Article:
“Letter to my Breath” at Fun Palaces, Bristol

Fun Palaces 2018 credit: Dean Ayotte/Elizabeth Blackwell Institute.

Life of Breath collaborator Elspeth Penny writes about her experience facilitating a “Letter to my Breath” workshop at Barton Hill Settlement in Bristol as part of Fun Palaces 2018…  It’s like a present when I’m invited to run a workshop, … Read more…

Breathing through oxygen technology in Uruguay and South Africa: A new publication by Dr. Megan Wainwright

Life of Breath collaborator Dr. Megan Wainwright introduces her new paper “Exploring ambivalent human-oxygen technology-world relations through the lens of Postphenomenlogy” published in the Journal of Material Culture as part of a special issue on Ambivalent Objects in Global Health (Eds. … Read more…

Phenomenology’s contribution to health and illness

A new book on phenomenology and illness entitled Existential Medicine: Essays on Health and Illness is now out, with a chapter by Life of Breath Principle Investigator Havi Carel and PhD student Tina Williams. The book’s editor, Professor Kevin Aho, is the author of Existentialism: An Introduction, Heidegger’s … Read more…

‘Race Correction’ in Medicine: A History of Lung Function Measurements

The Life of Breath project was delighted to host Professor Lundy Braun in Bristol recently to speak at our bi-annual team meeting “Breathing Space” along with a special public lecture. Life of Breath researcher Coreen McGuire reflects on Lundy’s visit…  … Read more…

Invisible Suffering: The Experience of Breathlessness (Carel, 2018)

"LUNGTREE VI" - Cover photo by Maja Bjelica

In this book chapter, Havi considers breathlessness from a phenomenological perspective, reframing it as an existential, social, personal, cultural and psychological phenomenon, rather than a medical symptom. (Read more about the book on our blog). Havi Carel. 2018. Invisible Suffering: … Read more…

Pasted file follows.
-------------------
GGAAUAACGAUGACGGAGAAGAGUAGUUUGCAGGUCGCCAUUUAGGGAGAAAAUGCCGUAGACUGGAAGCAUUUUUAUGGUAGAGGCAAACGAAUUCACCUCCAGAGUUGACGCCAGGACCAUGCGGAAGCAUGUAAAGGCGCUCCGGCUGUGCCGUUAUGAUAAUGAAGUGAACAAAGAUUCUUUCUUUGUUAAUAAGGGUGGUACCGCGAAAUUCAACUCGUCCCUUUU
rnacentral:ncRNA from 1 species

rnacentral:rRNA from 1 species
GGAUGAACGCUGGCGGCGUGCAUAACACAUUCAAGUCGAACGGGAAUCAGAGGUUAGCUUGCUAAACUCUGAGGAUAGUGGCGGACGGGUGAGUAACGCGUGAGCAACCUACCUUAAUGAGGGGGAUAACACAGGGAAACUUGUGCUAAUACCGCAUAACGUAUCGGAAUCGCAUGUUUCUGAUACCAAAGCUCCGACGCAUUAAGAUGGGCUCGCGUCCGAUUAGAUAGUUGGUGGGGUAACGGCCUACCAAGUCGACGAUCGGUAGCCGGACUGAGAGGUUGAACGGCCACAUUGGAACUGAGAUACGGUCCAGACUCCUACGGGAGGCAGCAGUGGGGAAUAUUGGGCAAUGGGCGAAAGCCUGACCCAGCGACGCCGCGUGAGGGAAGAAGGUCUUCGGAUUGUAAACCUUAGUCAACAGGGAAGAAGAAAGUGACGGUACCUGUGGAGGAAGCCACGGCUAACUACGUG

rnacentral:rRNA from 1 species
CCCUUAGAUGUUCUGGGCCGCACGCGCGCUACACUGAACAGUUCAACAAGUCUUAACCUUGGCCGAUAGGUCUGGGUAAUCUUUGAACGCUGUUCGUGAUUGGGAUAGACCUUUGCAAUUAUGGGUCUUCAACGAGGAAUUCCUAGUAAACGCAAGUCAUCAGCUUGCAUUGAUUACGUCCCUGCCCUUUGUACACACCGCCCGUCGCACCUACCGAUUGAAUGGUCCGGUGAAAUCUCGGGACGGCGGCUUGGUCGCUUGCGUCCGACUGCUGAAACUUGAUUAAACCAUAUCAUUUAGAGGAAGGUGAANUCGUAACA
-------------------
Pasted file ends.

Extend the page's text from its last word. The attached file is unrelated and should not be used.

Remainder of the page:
Chronic breathlessness: re-thinking the symptom (Macnaughton et al, 2018)

The Life of Breath team, like our colleagues at Breathe Oxford, recently responded to the proposal that defining chronic breathlessness as a syndrome might raise awareness of its impact on people’s lives. We stress that more consultation with ‘experts-by-experience’ (patients who experience … Read more…

Smog in a Time of Tobacco Control (Russell, 2017)

While in Delhi for a recent UN convention on tobacco control, anthropologist Andrew Russell reports on widespread ‘astroturfing’ – large multinationals subsidising apparently independent interest groups to secretly (or not so secretly) push corporate interests. Interference, intimidation, emotional blackmail and … Read more…

Chronic breathlessness: re-thinking the symptom (Faull et al, 2018)

Recently it was proposed that defining chronic breathlessness as a syndrome might raise awareness of its impact on people’s lives . Our collaborators at Breath Oxford responded. Their research explores the neuroscience of breathlessness, particularly the networks that generate perceptions. They … Read more…

Listening to the past

How do we ​accurately ​measure hearing loss? In a new paper in The British Journal for the History of Science, Life of Breath researcher Coreen McGuire​ (University of Bristol) and Jaipreet Virdi shed light on ​the career of Dr Phyllis Margaret Tookey Kerridge (1901–1940) – a pioneer … Read more…

Curious about breath at the Oxford Curiosity Carnival

Music therapist and writer Kate Binnie writes:  Friday 29th September saw Oxford’s City Centre transformed by the Curiosity Carnival. This University-organised event sought to bring together researchers across fields of study to share knowledge, answer questions, and interact in creative ways with … Read more…